By John Schmeelk
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Tuesday night’s win against the Heat was much less dramatic or significant than it could have been if the Heat’s stars were on the court. But it was significant in another way: Carmelo Anthony’s 50-point effort might mean that he is about to hit his stride.
During the prior seven games, (all wins for the Knicks) Anthony was averaging more than 27 points per game, but he was shooting just 42 percent from the field. It was the continuation of a trend since he initially injured his knee on Christmas Day against the Los Angeles Lakers.
Before that Christmas Day injury, Anthony was on his way to having one of his best and most efficient scoring years of his career. He was shooting 47 percent from the field, 43 percent from behind the arc and had a net rating of 10.1. (Lineups that he was in were outscoring opponents at an average of 10 points per 100 possessions — a ridiculous number.)
After he came back from that initial injury his season numbers dipped. In his 35 games since then, not including last night, Anthony shot just 41 percent from the field, 33 percent from behind the arc and had a pedestrian net rating of 2.9. In retrospect it is pretty obvious that he never really recovered fully from that injury. With those numbers from the team’s best player, it should be no surprise that the Knicks were barely a .500 team for large stretches of January and February.
If the Knicks want to make a serious run at the Heat (and that would constitute a successful season), they need their superstar to play at a pre-Christmas Day level. Since having his knee drained, there hadn’t been much of a bump in his numbers until Tuesday night. Against the Heat, Anthony turned it on. His jump shot fell at a ridiculous rate that isn’t sustainable, but it might be a sign that he is ready to go on a hot streak. There’s no debate that LeBron James is the best player in the world, but Anthony can at least match him point-for-point if he can shoot between 45-50 percent from the field and close to 40 percent from three. It’s the only way that the Knicks can get to the Eastern Conference Finals, let alone challenge the Heat. Perhaps the knee is truly 100 percent now.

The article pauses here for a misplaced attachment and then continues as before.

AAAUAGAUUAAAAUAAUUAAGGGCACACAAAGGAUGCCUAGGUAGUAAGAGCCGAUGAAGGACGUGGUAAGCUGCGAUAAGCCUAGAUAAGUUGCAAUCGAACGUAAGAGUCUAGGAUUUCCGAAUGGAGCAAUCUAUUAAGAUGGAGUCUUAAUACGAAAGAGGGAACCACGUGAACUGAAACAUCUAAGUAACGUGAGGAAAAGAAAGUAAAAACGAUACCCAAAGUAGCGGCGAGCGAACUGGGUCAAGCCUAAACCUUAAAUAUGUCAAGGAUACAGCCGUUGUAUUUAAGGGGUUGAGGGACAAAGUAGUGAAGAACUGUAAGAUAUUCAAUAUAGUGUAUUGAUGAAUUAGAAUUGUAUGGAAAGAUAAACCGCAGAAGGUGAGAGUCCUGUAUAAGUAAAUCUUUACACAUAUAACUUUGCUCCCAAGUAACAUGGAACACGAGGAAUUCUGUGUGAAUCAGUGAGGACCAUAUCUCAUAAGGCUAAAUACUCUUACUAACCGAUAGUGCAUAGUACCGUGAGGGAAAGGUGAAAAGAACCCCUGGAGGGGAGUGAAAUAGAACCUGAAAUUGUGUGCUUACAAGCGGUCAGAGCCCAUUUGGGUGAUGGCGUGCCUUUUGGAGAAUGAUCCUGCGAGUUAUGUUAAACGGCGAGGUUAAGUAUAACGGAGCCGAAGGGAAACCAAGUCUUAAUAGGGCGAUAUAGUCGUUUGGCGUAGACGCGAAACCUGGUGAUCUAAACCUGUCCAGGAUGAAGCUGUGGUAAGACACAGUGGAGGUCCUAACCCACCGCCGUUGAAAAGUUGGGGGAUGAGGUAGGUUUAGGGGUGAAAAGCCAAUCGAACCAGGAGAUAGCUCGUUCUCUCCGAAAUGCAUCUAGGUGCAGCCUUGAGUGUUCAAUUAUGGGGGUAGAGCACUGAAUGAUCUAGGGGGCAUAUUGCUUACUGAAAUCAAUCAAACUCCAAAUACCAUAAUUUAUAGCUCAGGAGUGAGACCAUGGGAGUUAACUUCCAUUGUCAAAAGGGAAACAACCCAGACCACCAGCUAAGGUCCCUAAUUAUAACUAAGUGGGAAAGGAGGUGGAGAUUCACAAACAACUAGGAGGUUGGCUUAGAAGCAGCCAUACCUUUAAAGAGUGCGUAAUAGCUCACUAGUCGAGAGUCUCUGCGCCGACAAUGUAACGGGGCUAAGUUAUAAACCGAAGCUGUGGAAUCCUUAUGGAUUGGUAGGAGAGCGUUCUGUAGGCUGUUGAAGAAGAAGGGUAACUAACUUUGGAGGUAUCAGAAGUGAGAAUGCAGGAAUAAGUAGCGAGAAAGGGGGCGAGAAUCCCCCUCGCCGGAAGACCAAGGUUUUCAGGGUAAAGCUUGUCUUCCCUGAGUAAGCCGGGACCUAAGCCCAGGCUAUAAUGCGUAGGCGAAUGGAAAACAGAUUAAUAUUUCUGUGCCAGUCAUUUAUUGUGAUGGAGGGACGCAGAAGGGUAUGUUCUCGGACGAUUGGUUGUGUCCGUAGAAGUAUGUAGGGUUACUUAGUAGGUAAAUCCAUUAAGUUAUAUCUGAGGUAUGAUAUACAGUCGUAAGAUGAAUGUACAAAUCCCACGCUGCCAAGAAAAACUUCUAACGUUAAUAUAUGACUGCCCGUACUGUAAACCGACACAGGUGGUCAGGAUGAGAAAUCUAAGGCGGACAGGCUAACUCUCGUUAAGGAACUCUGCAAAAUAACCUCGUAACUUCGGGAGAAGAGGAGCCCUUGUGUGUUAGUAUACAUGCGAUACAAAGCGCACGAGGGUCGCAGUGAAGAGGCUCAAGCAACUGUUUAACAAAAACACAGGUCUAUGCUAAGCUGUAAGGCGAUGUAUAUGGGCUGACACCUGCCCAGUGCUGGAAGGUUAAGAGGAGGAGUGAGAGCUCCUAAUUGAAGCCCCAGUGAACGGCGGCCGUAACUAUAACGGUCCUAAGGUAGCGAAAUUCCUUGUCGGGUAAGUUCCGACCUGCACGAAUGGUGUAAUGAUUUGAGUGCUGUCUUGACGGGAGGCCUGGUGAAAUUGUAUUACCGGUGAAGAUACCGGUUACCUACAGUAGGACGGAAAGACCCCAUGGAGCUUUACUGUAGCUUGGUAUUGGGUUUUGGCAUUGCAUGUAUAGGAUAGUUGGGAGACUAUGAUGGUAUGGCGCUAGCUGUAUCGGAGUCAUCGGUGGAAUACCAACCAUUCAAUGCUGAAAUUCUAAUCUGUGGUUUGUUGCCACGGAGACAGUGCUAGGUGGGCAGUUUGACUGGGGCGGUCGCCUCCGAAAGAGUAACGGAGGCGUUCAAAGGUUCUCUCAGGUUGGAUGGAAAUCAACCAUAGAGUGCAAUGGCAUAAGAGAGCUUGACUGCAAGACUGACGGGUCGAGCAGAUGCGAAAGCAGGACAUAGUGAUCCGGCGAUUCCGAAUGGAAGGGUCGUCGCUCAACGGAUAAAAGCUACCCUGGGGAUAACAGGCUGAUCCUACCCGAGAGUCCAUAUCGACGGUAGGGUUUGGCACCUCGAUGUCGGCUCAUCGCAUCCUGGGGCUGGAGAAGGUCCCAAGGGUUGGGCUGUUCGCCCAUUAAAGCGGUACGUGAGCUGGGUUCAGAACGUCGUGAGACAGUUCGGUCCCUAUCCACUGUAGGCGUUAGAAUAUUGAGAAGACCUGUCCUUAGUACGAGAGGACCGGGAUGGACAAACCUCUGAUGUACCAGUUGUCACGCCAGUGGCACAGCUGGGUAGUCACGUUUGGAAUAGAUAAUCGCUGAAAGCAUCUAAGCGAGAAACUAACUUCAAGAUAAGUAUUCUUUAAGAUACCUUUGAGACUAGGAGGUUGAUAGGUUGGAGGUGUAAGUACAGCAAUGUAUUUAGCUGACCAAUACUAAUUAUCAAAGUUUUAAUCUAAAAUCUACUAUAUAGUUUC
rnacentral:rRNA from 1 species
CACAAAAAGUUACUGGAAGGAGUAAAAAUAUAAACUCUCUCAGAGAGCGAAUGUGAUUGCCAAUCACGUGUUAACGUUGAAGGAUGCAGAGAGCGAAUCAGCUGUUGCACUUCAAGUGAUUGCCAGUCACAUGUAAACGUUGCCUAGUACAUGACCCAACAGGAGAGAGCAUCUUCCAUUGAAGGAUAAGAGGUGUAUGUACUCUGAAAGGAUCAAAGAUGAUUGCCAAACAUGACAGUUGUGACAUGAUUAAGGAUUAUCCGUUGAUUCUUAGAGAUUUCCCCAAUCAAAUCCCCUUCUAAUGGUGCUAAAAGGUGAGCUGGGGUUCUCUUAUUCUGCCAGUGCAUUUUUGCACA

Maybe the most impressive thing about Anthony’s performance on Tuesday night wasn’t his 50 points, but his lack of obsession about reaching the mark. He went eight minutes without scoring in the fourth quarter and seemed fine passing to open teammates when the Heat sent double-teams his way. He made the right plays. That’s a sign of growth. It’s the type of hot shooting and maturity that the Knicks need from their star when the playoffs start in a few weeks.
- The Knicks almost squeezed their entire season into one game on Tuesday night. In the first half they decided — because James and Dwyane Wade were sitting — that they didn’t have to try hard on defense. It was embarrassing how easily Mike Miller and his ragtag band tore the Knicks apart. The Knicks’ defense turned it on in the second half, however, and showed how good they can be when they play hard and smart defense. Relying on flipping the switch is very risky, and the team can’t do that in the playoffs.
- These were easily my two favorite plays of the night: The Kenyon Martin two-handed throwdown on the Birdman and Tyson Chandler’s swat of Chris Bosh. Martin simply powered through Chris Andersen’s block attempt and used his power. He continues to be an old-school power forward that attacks the rim relentlessly and isn’t afraid to commit the hard foul. He is a better player than both Kurt Thomas and Rasheed Wallace, who have been on the Knicks’ roster since the start of the season. Could Bosh have gone up softer on the layup attempt that Chandler swatted? You’re 6-foot-11. DUNK IT! It was almost as bad earlier in the game, when he took a fifteen-foot fadeaway over J.R. Smith instead of taking it to the hoop.
- Chandler looked very rusty to me, but he didn’t look hurt. I’ll be very curious to see how he reacts on Wednesday night against the Hawks. The Knicks could use him against Al Horford in another important Eastern Conference game. He needs to be cautious with his neck, but at the same time be ready and in total rhythm for the playoffs. It is a tough balance to strike.
- With the Bulls as a potential sixth seed, it is very important to get into the two spot in the Eastern Conference. Playing the Bulls in the first round is a real potential upset opportunity. Beating the Hawks on Wednesday night would also help, giving the Bulls a better chance to vault past Atlanta to take on the Nets in a 4/5 first-round matchup.
You can follow me on Twitter @Schmeelk for everything Knicks, Giants, Yankees and New York sports.
After watching Carmelo dominate last night, are you convinced that he’s back to 100 percent? Sound off with your thoughts and comments below…